Thailand follows Brazil in child labour policy

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BurmeseFishingImmigrants
Thailand wants to tackle child labour issues that mainly occurs in the fishery industry and involves illegal migrants

Brazil and Thailand are two countries that were struggling with cracking down on child labour; however, Brazil was recently acknowledged by the International Labour Organisation (ILO) for being able to diminish child labour as well as for being a role model for other countries.

By Mariana Angela Garcia

Thailand has shown interest in Brazil’s practices to reduce child labour specifically in the fishing industry. In February 2013, the ILO Thailand, Ministry of Labour of Thailand and the Ministry of Labour and Employment of Brazil had a series of meetings in Bangkok in order to share experiences and innovation between the two countries to reduce child labour.

The Bangkok Post quoted Maruizio Bussi, ILO’s director for Thailand, Cambodia and Laos, complementing Brazil on its achievements throughout the series of meetings.

“The key factors that helped Brazil thwart child labour were the determination of the government and politicians to abide by labour standards set by the ILO. The government allocated a substantial budget to solve the problem and all parties are helping eradicate it, ” he said.

The meetings were directly targeted to get an insight on Brazil’s approach on child labour the help Thai inspectors and representatives of the Fishery Association of Thailand, which mostly struggles with child labour, to create an action plan.

Luiz Henrique Ramos Lopes, deputy director-general of Brazil’s Labor Inspection Department, said that Brazil has been successful with its inspection system. In their inspection last year 67 per cent of more than 250,000 businesses committed breaches. However, through its authorisation to visit operators without notification, Brazil’s inspection system has been able to reach child labour victims quickly. The result was that Brazil has been removed from the human-trafficking watch list.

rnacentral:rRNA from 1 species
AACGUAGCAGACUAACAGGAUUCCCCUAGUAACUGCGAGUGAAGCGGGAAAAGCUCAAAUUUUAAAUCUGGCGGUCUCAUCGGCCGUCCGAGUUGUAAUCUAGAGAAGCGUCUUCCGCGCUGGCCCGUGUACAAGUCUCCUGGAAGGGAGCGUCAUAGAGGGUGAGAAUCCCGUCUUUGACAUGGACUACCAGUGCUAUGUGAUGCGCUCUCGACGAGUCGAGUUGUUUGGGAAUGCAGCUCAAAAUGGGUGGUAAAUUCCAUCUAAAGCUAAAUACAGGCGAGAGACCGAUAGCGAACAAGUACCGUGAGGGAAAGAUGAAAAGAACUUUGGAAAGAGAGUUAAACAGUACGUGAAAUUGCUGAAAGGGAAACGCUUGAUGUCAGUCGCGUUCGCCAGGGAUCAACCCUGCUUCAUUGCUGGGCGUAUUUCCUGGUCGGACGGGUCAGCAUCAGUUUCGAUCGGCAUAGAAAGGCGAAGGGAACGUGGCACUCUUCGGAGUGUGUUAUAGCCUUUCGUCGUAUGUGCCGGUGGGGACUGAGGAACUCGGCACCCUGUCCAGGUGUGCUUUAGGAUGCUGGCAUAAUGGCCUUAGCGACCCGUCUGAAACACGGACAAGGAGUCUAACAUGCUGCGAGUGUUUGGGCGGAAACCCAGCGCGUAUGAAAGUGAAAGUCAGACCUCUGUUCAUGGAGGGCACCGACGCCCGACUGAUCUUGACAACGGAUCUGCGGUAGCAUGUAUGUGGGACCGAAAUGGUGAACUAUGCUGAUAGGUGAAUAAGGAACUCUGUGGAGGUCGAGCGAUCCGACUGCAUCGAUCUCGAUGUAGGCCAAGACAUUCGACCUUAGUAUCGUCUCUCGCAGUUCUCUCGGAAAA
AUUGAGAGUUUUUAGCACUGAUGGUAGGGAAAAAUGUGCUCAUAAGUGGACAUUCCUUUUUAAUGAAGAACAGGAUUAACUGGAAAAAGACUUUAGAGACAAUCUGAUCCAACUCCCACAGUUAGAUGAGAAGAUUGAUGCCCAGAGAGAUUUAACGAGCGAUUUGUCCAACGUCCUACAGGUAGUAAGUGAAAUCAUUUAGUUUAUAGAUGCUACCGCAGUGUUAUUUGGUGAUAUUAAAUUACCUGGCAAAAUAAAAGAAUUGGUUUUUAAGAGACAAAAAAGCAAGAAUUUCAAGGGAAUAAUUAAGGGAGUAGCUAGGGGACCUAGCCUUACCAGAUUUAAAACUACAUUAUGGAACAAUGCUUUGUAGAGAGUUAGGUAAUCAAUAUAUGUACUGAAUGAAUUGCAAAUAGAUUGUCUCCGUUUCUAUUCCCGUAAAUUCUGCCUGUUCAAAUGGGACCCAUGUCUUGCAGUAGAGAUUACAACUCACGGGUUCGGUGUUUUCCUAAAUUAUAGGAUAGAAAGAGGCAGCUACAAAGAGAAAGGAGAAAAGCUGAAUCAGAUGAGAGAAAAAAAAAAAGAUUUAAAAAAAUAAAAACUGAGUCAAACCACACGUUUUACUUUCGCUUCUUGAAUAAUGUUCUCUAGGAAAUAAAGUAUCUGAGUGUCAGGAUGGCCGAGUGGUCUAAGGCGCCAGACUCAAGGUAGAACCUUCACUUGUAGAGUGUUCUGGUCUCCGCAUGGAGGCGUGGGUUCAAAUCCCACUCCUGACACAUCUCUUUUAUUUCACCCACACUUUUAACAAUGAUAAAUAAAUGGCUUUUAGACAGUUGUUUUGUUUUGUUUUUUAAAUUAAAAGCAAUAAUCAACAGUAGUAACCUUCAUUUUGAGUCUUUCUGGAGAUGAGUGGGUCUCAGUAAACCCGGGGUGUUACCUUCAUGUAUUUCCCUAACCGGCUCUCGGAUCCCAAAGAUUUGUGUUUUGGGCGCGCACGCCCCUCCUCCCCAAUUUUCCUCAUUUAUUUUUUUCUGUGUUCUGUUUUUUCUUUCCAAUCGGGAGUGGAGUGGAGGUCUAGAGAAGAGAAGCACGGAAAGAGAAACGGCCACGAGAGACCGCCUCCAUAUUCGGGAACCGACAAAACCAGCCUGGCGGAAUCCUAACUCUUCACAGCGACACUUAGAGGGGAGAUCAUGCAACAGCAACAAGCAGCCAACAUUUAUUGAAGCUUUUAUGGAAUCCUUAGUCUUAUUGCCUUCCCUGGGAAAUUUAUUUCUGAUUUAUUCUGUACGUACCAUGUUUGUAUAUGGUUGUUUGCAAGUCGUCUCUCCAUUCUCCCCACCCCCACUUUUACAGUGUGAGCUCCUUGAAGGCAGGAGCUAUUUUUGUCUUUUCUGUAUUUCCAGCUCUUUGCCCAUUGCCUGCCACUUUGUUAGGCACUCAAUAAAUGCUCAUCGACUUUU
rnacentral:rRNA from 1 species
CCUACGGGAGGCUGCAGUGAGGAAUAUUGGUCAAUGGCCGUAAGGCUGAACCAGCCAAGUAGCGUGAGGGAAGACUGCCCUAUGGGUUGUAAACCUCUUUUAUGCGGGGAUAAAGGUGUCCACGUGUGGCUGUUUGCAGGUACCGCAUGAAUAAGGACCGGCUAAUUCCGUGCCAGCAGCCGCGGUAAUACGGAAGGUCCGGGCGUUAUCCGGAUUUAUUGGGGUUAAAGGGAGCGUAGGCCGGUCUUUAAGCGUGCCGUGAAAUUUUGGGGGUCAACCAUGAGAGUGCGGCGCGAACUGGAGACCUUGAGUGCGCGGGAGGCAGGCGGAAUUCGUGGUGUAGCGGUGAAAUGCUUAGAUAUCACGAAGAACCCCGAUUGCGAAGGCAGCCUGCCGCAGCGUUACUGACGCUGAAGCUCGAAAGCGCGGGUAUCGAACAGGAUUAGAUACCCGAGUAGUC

Pakorn Amornchqin, director-general of Thailand’s Department of Welfare and Labour Protection, said that Thailand would adopt Brazil’s inspection system in order to be removed from the human-trafficking watch list as well.

 

 

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Reading Time: 2 minutes

Thailand wants to tackle child labour issues that mainly occurs in the fishery industry and involves illegal migrants

Brazil and Thailand are two countries that were struggling with cracking down on child labour; however, Brazil was recently acknowledged by the International Labour Organisation (ILO) for being able to diminish child labour as well as for being a role model for other countries.

Reading Time: 2 minutes

BurmeseFishingImmigrants
Thailand wants to tackle child labour issues that mainly occurs in the fishery industry and involves illegal migrants

Brazil and Thailand are two countries that were struggling with cracking down on child labour; however, Brazil was recently acknowledged by the International Labour Organisation (ILO) for being able to diminish child labour as well as for being a role model for other countries.

By Mariana Angela Garcia

Thailand has shown interest in Brazil’s practices to reduce child labour specifically in the fishing industry. In February 2013, the ILO Thailand, Ministry of Labour of Thailand and the Ministry of Labour and Employment of Brazil had a series of meetings in Bangkok in order to share experiences and innovation between the two countries to reduce child labour.

The Bangkok Post quoted Maruizio Bussi, ILO’s director for Thailand, Cambodia and Laos, complementing Brazil on its achievements throughout the series of meetings.

“The key factors that helped Brazil thwart child labour were the determination of the government and politicians to abide by labour standards set by the ILO. The government allocated a substantial budget to solve the problem and all parties are helping eradicate it, ” he said.

The meetings were directly targeted to get an insight on Brazil’s approach on child labour the help Thai inspectors and representatives of the Fishery Association of Thailand, which mostly struggles with child labour, to create an action plan.

Luiz Henrique Ramos Lopes, deputy director-general of Brazil’s Labor Inspection Department, said that Brazil has been successful with its inspection system. In their inspection last year 67 per cent of more than 250,000 businesses committed breaches. However, through its authorisation to visit operators without notification, Brazil’s inspection system has been able to reach child labour victims quickly. The result was that Brazil has been removed from the human-trafficking watch list.

Pakorn Amornchqin, director-general of Thailand’s Department of Welfare and Labour Protection, said that Thailand would adopt Brazil’s inspection system in order to be removed from the human-trafficking watch list as well.

 

 

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